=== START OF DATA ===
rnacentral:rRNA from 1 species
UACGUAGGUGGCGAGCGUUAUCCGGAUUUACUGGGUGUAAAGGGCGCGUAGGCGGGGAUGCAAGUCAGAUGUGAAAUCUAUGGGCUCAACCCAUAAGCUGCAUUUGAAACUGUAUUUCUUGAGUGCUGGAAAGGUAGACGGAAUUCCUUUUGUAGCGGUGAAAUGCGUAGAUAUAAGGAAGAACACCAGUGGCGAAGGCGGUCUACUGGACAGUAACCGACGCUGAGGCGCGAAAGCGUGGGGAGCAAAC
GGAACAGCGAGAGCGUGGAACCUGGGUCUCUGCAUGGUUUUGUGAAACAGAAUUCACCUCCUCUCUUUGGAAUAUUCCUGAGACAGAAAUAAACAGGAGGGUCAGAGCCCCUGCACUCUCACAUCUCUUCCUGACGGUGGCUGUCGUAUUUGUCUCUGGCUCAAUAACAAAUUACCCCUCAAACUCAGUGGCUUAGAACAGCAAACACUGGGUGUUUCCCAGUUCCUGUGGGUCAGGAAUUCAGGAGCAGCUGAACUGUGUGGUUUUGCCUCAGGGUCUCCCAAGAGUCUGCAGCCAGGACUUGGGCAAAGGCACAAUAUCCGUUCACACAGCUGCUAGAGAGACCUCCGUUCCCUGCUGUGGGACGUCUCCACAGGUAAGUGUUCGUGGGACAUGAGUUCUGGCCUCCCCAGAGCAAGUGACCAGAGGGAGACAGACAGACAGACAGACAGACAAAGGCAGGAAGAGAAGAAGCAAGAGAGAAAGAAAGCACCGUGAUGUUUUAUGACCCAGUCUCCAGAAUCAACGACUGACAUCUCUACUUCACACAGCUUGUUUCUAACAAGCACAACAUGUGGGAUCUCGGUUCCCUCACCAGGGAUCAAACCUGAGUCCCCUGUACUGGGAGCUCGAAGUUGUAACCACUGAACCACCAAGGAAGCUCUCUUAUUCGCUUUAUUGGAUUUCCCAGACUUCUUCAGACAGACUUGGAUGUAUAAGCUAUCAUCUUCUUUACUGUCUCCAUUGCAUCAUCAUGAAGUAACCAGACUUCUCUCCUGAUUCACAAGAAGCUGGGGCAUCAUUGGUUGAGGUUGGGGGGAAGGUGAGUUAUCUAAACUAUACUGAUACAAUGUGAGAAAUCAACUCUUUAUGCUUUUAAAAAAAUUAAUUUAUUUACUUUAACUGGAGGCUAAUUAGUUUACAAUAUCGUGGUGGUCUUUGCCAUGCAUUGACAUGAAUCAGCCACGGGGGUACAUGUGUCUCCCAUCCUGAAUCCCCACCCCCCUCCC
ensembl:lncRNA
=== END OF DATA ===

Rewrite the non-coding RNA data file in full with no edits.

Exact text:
rnacentral:rRNA from 1 species
UACGUAGGUGGCGAGCGUUAUCCGGAUUUACUGGGUGUAAAGGGCGCGUAGGCGGGGAUGCAAGUCAGAUGUGAAAUCUAUGGGCUCAACCCAUAAGCUGCAUUUGAAACUGUAUUUCUUGAGUGCUGGAAAGGUAGACGGAAUUCCUUUUGUAGCGGUGAAAUGCGUAGAUAUAAGGAAGAACACCAGUGGCGAAGGCGGUCUACUGGACAGUAACCGACGCUGAGGCGCGAAAGCGUGGGGAGCAAAC
GGAACAGCGAGAGCGUGGAACCUGGGUCUCUGCAUGGUUUUGUGAAACAGAAUUCACCUCCUCUCUUUGGAAUAUUCCUGAGACAGAAAUAAACAGGAGGGUCAGAGCCCCUGCACUCUCACAUCUCUUCCUGACGGUGGCUGUCGUAUUUGUCUCUGGCUCAAUAACAAAUUACCCCUCAAACUCAGUGGCUUAGAACAGCAAACACUGGGUGUUUCCCAGUUCCUGUGGGUCAGGAAUUCAGGAGCAGCUGAACUGUGUGGUUUUGCCUCAGGGUCUCCCAAGAGUCUGCAGCCAGGACUUGGGCAAAGGCACAAUAUCCGUUCACACAGCUGCUAGAGAGACCUCCGUUCCCUGCUGUGGGACGUCUCCACAGGUAAGUGUUCGUGGGACAUGAGUUCUGGCCUCCCCAGAGCAAGUGACCAGAGGGAGACAGACAGACAGACAGACAGACAAAGGCAGGAAGAGAAGAAGCAAGAGAGAAAGAAAGCACCGUGAUGUUUUAUGACCCAGUCUCCAGAAUCAACGACUGACAUCUCUACUUCACACAGCUUGUUUCUAACAAGCACAACAUGUGGGAUCUCGGUUCCCUCACCAGGGAUCAAACCUGAGUCCCCUGUACUGGGAGCUCGAAGUUGUAACCACUGAACCACCAAGGAAGCUCUCUUAUUCGCUUUAUUGGAUUUCCCAGACUUCUUCAGACAGACUUGGAUGUAUAAGCUAUCAUCUUCUUUACUGUCUCCAUUGCAUCAUCAUGAAGUAACCAGACUUCUCUCCUGAUUCACAAGAAGCUGGGGCAUCAUUGGUUGAGGUUGGGGGGAAGGUGAGUUAUCUAAACUAUACUGAUACAAUGUGAGAAAUCAACUCUUUAUGCUUUUAAAAAAAUUAAUUUAUUUACUUUAACUGGAGGCUAAUUAGUUUACAAUAUCGUGGUGGUCUUUGCCAUGCAUUGACAUGAAUCAGCCACGGGGGUACAUGUGUCUCCCAUCCUGAAUCCCCACCCCCCUCCC
ensembl:lncRNA